USA v. Malcolm Ro


Per Curiam OPINION filed : AFFIRMED; declaring as moot motion to dismiss - jurisdiction filed by Mr. Daniel R. Hurley, decision not for publication pursuant to local rule 206. Eugene E. Siler , Jr., Circuit Judge; Richard Allen Griffin, Circuit Judge and Arthur J. Tarnow, U.S. District Judge., EDM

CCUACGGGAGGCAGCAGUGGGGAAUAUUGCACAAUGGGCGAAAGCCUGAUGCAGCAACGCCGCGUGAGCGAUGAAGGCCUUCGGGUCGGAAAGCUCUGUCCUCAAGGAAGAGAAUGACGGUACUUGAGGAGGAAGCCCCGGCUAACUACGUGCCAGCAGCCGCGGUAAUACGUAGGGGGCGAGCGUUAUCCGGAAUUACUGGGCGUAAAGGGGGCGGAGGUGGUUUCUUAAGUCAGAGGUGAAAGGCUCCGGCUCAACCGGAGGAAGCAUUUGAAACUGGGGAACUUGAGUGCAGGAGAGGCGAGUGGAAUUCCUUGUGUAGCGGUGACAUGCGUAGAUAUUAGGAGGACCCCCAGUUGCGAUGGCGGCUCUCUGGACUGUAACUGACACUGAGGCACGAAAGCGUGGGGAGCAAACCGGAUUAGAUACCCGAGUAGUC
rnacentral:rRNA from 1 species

Download PDF